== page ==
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My trip commenced April 4 with a long 9 hour drive from Tucson to the town of Van Horn in West Texas, which sits between 3 National Parks; Big Bend, well to the south, and Guadalupe Mountains and Carlsbad Caverns to the north. The first evening I cracked a tooth while munching on popcorn; I made telephonic arrangements to return to Tucson for the dental work and necessary crown, but because the tooth was not painful, I spent the next 8 days visiting the Parks before the long backtrack drive.
Big Bend National Park comprises a large swath of West Texas which sits within the north-side bowl of a big bend in the Rio Grande River. The entire south-eastern to south-western boundary of the Park, which forms the international border with Mexico, is riparian river basin cutting through very dry desert. Within the bend just north of the river rise the majestic Chisos Mountains, a range of island mountain tops within the desert which provide pine-oak canyon habitat for a large number of animals and birds. For the most part the Park has few to no amenities. I spent the first several days on the far southeastern border of the Park, called Rio Grande Village – there is no village, just campgrounds, but there is a tiny one-room general store, two archaic gas pumps, and 16 RV sites with hookups. The birding was reasonably ok, though I never managed to find the Black Hawks in their nesting trees. I did get some nice photos of a Vermilion Flycatcher, Greater Roadrunner and Golden-fronted Woodpecker. I subsequently moved to the tiny, dusty, but actual village of Terlingua on the western border of the Park, and spent time driving and hiking the Chisos Mountains and visiting the southwestern Rio Grande. Terlingua itself is a ghost town, with a fascinating history extending from the mid-late 19th century through the First World War – it was the site of a major mine for cinnabar, from which mercury is extracted, for use at the time in explosives and munitions. After the war the town died, though today it houses several art galleries and small dining establishments, alongside a wonderful old cemetery.
From Big Bend I drove north to the Guadalupe Mountains at the border of New Mexico, a long north-south limestone ridgeline pushed up from the ancient Permian Era sea; Carlsbad Caverns lie just within New Mexico at the northern end of the ridgeline. Guadalupe Mountain NP in Texas has no amenities other than a ranger station – I did three mid-length hikes to various natural springs for birding, and visited one of the rare original Butterfield Stagecoach stations. Two weeks before my arrival Carlsbad Caverns just had lost its elevator service which had been running since 1932. The main chambers of the caverns with outstanding living formations start at 800 feet underground, reached either by elevator or by a huge gaping shaft which runs at more than a 45 degree angle into the earth. Most people take about an hour to walk down the very steep switch-back trails from the natural entrance to reach the depths; the great room and other lower chambers all branch off from the depths. The majority of visitors then return by taking the elevator 800 feet back up directly into the visitor center. Because the elevators were old and too small for today’s crowds (I heard lines were backed up over two hours at the height of last year’s tourist season), two new, larger elevator shafts are under construction and close to completion. However, a few weeks ago some cable system of the old elevators stopped working, and so for a time no elevators were functioning. That meant, of course, if one hiked the 1.3 mile entrance trail down through the natural opening, dropping 800 feet in elevation, one must, after hiking the various chambers, climb the 800 feet back out through the same entrance. It was, therefore, a lovely time to visit, for those fit enough, as the number of visitors making it into the lower chambers was very small. I took a special guided tour into the deeper (1,000ft down) King’s Palace Chamber, as well as circling the 1.2 mile trail around the Great Room almost twice. Most of the caverns still are wet and active, with running and dripping water, and most forms of cave formations are on exhibit. Carlsbad still is as stunning as I recall from visits five decades ago.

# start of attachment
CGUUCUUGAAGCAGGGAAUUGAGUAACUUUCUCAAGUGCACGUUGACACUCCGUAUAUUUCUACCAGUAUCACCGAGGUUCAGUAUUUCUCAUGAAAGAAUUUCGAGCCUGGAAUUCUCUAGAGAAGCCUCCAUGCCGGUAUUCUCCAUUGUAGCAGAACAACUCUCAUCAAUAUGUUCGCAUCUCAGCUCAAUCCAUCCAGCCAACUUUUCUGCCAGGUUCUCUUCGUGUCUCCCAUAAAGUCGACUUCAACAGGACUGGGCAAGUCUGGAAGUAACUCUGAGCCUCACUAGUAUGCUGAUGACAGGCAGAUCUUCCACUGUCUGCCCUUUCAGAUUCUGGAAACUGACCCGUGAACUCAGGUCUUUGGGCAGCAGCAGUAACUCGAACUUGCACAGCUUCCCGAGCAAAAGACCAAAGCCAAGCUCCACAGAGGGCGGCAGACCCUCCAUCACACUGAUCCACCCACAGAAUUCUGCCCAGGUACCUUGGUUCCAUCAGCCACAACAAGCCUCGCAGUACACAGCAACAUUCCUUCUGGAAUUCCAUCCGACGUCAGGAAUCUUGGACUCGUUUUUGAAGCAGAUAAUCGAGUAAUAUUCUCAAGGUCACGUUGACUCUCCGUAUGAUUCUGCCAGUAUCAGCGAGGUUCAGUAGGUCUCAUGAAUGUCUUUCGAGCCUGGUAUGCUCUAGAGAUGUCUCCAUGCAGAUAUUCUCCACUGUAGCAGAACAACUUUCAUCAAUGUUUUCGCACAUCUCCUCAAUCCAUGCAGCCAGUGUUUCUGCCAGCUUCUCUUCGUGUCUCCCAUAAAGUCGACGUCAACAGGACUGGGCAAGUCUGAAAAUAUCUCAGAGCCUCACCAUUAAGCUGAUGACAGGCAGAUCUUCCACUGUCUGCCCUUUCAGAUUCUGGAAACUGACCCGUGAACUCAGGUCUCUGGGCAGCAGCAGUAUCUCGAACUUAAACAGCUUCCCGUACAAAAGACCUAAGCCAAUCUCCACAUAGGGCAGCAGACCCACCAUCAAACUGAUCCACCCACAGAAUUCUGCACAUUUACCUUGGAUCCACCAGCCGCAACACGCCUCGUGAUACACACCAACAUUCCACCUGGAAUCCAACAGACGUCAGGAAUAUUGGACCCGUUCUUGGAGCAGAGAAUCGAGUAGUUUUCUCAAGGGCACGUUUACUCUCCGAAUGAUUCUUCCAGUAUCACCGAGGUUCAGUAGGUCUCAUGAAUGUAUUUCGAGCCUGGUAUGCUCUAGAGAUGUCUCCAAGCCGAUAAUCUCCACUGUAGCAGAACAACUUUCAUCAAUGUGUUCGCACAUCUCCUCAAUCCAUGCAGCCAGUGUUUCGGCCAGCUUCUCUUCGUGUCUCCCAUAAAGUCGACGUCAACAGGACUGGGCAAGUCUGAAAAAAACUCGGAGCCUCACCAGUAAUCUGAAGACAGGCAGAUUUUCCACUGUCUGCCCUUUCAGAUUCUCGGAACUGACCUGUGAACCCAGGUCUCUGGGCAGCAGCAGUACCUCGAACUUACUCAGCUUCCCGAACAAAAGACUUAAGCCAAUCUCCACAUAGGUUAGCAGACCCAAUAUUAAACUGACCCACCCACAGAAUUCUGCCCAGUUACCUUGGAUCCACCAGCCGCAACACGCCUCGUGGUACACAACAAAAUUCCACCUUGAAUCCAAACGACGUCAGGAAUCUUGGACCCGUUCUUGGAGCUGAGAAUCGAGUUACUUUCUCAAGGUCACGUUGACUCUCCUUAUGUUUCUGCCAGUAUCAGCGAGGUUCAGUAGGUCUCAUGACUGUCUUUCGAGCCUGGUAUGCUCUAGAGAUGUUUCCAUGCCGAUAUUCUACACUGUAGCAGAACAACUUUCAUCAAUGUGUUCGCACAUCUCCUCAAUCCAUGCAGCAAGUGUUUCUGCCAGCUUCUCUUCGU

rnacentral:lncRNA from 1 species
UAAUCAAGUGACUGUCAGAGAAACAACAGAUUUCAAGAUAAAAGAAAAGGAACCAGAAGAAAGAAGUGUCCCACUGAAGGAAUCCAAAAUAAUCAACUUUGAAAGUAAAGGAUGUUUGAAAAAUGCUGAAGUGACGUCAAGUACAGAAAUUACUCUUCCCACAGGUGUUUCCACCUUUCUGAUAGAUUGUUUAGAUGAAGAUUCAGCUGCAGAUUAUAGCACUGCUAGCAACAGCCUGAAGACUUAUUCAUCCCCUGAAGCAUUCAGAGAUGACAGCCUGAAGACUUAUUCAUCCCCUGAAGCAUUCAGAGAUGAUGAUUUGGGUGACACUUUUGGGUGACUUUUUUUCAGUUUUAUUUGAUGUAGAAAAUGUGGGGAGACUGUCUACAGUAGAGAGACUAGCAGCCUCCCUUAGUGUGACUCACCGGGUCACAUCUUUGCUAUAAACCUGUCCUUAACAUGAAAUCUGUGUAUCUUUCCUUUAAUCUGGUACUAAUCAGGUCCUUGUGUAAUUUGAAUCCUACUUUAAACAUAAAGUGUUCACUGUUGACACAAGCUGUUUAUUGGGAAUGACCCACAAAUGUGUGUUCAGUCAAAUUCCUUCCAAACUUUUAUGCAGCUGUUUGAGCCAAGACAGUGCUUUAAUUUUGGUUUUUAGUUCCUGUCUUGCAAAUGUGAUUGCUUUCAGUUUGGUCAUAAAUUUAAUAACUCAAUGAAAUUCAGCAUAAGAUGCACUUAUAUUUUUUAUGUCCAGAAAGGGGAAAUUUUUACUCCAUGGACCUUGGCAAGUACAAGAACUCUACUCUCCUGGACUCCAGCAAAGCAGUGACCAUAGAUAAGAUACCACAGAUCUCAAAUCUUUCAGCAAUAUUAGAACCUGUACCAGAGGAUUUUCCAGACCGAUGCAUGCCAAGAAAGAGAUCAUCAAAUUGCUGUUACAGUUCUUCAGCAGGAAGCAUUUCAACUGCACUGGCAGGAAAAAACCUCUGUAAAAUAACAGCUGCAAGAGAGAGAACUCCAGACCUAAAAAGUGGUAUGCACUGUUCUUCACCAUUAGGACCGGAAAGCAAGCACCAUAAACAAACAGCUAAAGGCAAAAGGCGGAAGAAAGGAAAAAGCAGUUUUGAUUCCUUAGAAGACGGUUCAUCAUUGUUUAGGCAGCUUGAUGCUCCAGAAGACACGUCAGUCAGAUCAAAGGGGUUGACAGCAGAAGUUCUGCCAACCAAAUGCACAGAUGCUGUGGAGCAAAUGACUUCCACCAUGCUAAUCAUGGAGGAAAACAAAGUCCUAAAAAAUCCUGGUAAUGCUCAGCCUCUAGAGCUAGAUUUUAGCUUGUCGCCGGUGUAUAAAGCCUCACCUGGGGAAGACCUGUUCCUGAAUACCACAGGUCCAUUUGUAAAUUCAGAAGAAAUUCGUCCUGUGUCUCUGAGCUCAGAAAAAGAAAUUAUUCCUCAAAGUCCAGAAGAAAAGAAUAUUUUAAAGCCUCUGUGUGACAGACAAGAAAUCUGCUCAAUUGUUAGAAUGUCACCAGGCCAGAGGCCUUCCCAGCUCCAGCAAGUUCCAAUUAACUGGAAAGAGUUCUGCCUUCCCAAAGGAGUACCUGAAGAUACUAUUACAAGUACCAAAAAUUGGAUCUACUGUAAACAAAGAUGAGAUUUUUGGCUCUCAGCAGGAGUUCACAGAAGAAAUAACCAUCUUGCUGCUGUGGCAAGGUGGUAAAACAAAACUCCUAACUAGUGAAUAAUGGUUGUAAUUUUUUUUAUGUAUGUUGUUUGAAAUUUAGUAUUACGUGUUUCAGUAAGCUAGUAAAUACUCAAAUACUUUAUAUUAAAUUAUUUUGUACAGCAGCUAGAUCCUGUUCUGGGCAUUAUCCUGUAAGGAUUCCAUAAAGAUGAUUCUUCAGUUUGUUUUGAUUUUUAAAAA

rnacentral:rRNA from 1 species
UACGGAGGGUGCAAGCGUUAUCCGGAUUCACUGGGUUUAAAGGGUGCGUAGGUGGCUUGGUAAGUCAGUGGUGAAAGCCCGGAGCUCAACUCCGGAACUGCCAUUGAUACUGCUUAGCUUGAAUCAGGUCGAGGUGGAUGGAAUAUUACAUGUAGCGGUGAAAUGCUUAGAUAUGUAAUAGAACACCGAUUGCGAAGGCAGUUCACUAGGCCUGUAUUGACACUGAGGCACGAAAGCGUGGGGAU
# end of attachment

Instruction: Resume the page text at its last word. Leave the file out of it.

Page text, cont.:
I made the long slog back to Tucson on the 12th for the dental work, having to wait in Tucson two weeks for the new crown to be ordered and “installed.” During that period I photographed the fledglings in the Great Horned Owl nest just two blocks from my house, which nest has been occupied every spring for years. May 30 I departed for a second time from Tucson, this time heading directly north to spend my first few days in Dead Horse Ranch State Park along the Verde River, one of my favorite places in Arizona. Now at mid-spring the area is a hot-spot for migrating birds, especially for the little flycatchers and warblers which I find so difficult to identify. I have been able to photograph a couple of new species of tiny flycatchers, the Grey and the Cordilleran, as well as capturing the Ash-throated Flycatcher, Green-tailed Towhee and White-crowned Sparrow. The river sides are busy with dozens of the beautiful Wilson’s Warblers, although I am having a devil of a time getting any decent photos as they never stop moving. Although the area has been parched with no rainfall for months, upon my arrival the clouds built, and It rained all night my second night, then pelted me the next mid-morning with hail before I could reach shelter – rain followed for the duration of the second day. At some point in my recent life I have offended the weather gods.
From the Verde Valley I expect I will drive on north towards Bluff on the San Juan River in southern Utah. Later. Dave
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